For examples of how some California districts differentiated between synchronous and asynchronous time and activities, the California Teachers Association developed a resource entitled, An Overview: Distance & Hybrid Teaching Practices.85 Some strategies from this resource are shared below. 

Synchronous learning activities might include the following: 

  • Whole-group instruction (e.g., live lectures, mini-lessons, explanations, demonstrations, modeling, teacher-led discussions, calendar time, feedback, and re-teaching) 
  • Small-group or individual instruction (e.g., live mini-lessons, explanations, demonstrations, modeling, teacher-led discussions, feedback, re-teaching, office hours, and two-way communications with students, parents, and/or guardians) 
  • Live learning application activities (e.g., classwork activities, including practice, applications, interaction, live student-led discussions, small-group work, and collaboration) 
  • Live formative assessment (e.g., live quizzes and polling and checking for understanding) 
  • Live comprehensive assessment (e.g., live quizzes, tests, writing prompts, and other tasks completed individually and unassisted for evaluation) 

Asynchronous learning activities might include the following: 

  • On-demand instruction (e.g., student-paced recorded read-alouds, explanations, demonstrations, simulations, videos, audiobooks, podcasts, and virtual field trips) 
  • On-demand online application activities (e.g., student-paced work on learning software, online reading, word processing, audio and video recording, creating slideshows, digital art, online student collaboration, partner reading, small-group work, and peer review) 
  • On-demand offline application activities (e.g., student-paced paper and pencil work, journaling, reading printed materials, mathematics calculations, graphing, hands-on science, visual and performing arts practice, and physical activity)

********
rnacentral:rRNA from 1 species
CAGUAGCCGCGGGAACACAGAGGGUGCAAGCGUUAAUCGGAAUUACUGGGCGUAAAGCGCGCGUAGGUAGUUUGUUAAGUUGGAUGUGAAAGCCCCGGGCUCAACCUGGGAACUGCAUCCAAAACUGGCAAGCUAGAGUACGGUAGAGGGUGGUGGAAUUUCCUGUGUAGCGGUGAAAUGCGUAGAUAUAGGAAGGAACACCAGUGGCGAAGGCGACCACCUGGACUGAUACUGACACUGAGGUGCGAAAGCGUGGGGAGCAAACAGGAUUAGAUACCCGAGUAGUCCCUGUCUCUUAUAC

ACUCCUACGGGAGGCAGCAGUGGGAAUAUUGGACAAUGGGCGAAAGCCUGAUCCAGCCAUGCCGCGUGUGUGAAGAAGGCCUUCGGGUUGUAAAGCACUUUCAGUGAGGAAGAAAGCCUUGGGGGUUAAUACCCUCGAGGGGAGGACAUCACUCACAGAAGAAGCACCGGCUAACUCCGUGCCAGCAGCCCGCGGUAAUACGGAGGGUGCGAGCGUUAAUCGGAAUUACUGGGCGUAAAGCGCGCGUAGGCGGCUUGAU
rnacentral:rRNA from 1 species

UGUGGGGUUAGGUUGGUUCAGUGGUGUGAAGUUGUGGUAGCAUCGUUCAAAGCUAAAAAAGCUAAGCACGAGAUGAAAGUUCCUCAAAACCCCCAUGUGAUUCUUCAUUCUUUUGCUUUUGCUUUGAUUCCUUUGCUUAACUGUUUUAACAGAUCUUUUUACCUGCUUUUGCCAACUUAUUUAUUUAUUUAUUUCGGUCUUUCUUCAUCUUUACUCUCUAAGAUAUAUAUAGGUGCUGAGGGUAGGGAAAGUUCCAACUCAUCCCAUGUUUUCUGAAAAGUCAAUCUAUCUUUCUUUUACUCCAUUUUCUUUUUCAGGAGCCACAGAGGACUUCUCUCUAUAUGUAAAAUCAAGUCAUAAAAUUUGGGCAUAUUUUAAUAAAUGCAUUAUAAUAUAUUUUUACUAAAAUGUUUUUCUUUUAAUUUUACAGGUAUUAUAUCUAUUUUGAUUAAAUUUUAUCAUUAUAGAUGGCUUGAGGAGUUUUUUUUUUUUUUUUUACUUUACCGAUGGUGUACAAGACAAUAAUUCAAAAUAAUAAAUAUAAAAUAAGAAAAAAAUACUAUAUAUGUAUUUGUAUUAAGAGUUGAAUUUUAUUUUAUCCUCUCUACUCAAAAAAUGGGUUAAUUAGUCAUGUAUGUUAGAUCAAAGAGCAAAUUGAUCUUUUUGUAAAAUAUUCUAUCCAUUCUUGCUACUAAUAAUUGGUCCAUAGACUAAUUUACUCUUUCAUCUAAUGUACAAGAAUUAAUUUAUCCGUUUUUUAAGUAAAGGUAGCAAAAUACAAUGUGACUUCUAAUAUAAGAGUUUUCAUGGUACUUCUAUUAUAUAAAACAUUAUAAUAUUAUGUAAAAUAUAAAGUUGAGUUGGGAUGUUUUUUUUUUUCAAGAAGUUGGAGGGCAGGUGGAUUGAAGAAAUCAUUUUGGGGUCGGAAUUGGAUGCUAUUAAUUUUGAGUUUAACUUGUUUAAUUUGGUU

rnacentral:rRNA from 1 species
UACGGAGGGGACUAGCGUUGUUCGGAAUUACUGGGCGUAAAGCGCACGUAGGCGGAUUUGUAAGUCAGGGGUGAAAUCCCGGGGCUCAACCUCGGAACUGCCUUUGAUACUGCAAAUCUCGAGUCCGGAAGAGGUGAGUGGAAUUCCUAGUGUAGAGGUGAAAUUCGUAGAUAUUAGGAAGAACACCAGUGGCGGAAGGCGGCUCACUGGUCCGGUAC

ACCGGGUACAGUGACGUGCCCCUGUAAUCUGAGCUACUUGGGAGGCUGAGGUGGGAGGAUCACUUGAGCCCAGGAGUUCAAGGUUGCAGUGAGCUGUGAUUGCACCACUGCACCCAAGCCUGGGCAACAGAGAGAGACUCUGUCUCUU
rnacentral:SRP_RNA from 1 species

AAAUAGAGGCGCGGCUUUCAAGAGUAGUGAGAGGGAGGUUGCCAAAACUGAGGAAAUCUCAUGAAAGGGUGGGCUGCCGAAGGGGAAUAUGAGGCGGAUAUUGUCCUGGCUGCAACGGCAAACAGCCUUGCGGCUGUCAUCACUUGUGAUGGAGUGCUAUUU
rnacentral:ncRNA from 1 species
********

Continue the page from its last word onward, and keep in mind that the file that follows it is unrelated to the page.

• On-demand formative assessments (e.g., student-paced quizzes and polling, either as a check for understanding or for student self-assessment) 
  • On-demand assessment (e.g., student-paced quizzes, tests, writing prompts, and other tasks completed individually and unassisted for evaluation) 

Voices from the Field
Amanda Sandoval | Eleanor Roosevelt High School Corona, CA

Amanda Sandoval—who currently teaches U.S. history at Eleanor Roosevelt High School in the Corona-Norco Unified School District—approaches her subject thematically, not chronologically. She uses technology and a focused look at the pressing challenges of our day as a means to engage and inspire her students about history and our collective future. 

What does good instructional design look like in practice? 

I think pedagogy is a priority over everything. Content and learning objectives are foundational. I continually ask myself, “What is the content, and how are the learners going to engage in it?” We always start with an essential question, and all we do has to relate to that. I’m going to continually break things down into smaller chunks for learners to synthesize.